Is there no counterculture anymore?

Normally, I’d just put this in the thoughtful stories thread, but it seems like this crowd could make this a meaningful conversation that probably needs it’s own thread…


Doesn’t seem like it, does it?

So much over the last 40 years has been co-opted, appropriated and ‘occupied…’


There’s too many subcultures for one counterculture anymore.


Was there ever a single counterculture? Even in the 60s, it seems like the term was used as a catchall for all kinds of stuff happening.


I imagine the ease of finding like-minded people in the information age has changed the nature of social rebellion in a lot of ways. In some respects no one is really an “outsider” anymore, because no matter how obscure one’s musical tastes or fashion choices or political leanings or sexual preferences it’s still a trivial matter to find a community of peers.


But how was that any different from a time when outsider culture was shared via things like zines, alternative weeklies, tape-trading, or mail art? I think it was harder to discover niche culture, but that was still how people with odd perspectives connected.


It’s true that like-minded niche cultures had ways of connecting with each other before the internet, but I suspect that having to put in an effort to make those connections was part of what made finding a community feel so fulfilling.


Hmmm… maybe? But is community any less fulfilling as long as it’s real? There are probably any number of message boards or whatever dedicated to any particular kind of niche activity, but that doesn’t mean that the community that emerges will be a good one. I’d argue that a community being fulfilling is less a function of a shared interest, and more about clicking in other ways, and taking the time and effort to build up positive relations in general. A good community doesn’t just happen because a group of people show up to a place, it takes time to build it up in a meaningful way.


Qanon, incels, etc. are definitely proof of that.


Perhaps it’s a mistake to look to capitalism to valorize counterculture? (As the article seems to do.)


I think zines and scenes were something that was relatively easy to access in bigger cities. But for those of us growing up in the countryside it would only be the internet that allowed connection to ones tribe


Yeah,all those points are kinda valid and it’s looking a bit grim.

Except point number - 7. Indie music and alt music are marginalized.

I’d argue that it’s the nature of indie and alt music to be marginalised. Except for a brief golden age in the late '70s up to the mid '80s when it was eclectic and weird, chart music has always been commercial. Some of it was good and became classic, some of it was just 'product’and is mostly forgotten. That’s still the case. You have artists like Weeknd or Rhianna moving the game on, and you have ‘artists’ like Ed Sheeran and Adele just shifting tons of units.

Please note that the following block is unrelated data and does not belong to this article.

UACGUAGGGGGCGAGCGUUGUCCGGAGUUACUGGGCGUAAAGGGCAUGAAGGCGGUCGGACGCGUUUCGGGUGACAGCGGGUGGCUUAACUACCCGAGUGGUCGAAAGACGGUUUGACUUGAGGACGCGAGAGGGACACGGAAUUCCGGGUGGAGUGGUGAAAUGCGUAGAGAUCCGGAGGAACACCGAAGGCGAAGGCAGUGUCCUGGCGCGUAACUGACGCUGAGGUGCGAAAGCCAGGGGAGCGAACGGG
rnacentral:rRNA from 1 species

But indie and alternative music is still there, in live venues and on youtube. You just have to look a little harder to find it.

There was a thriving alternative culture here in Dublin up to a few years ago. It’s still too early to say if it has survived Covid…

Edit to add snarky inverted commas for clarity.


Yeah, where I grew up, there were no zines. The only scenes that existed were small groups of punks and hippies and they all hung out together anyway.

I have found a lot of alternative and indie music on streaming services, just going off of the similar artists section of any bands profile.


I might be suspicious of the motives of this article, but…

I’d argue that things kept being weird through the 90s in the UK (and other parts of Europe), as a result of EDM being new and somewhat experimental.

Highlights include

The Orb getting a 39 minute 59 second long song into the UK top 10, then “performing” a short edit of it on Top of the Pops by sitting down and playing chess. The rules for the length of singles changed soon afterwards.

Moby getting a 1015bpm song into the UK top 40 (radio stations played the other songs on the single, for some reason)

The KLF. Need I say more?

Aphex Twin.

Rollo and Sister Bliss’s stuff before Faithless. Lots of drag queens and genderfuckery.

And all of that was just what you could see on the surface.


I’d absolutely agree.

Not to mention the Chemical Brothers, The Prodigy, Leftfield, Tricky and Fatboy Slim


Yeah, I feel like this is what the truth is. There’s just so many countercultures as well as so many massively popular countercultures that it is impossible to even come close to cataloging them in any sort of way to catch trends and with the speed of information and communication new communities spread like wildfire.


And many have been co-opted and splintered to some extent.

Your far right environmentalists- like Derp Green Resistance & the new Malthusians.


I would also disagree with the articles statement that everybody is encouraged to watch the same TV shows. In the 90’s tv shows were cancelled even though they had viewership higher than some of the most popular shows today.


“Telling jokes becomes a dangerous profession” feels weirdly out of place here. For one, has it actually, any more than anything else? :confused:


Comedians used to be arrested for jokes, so if anything, it’s gotten safer for them.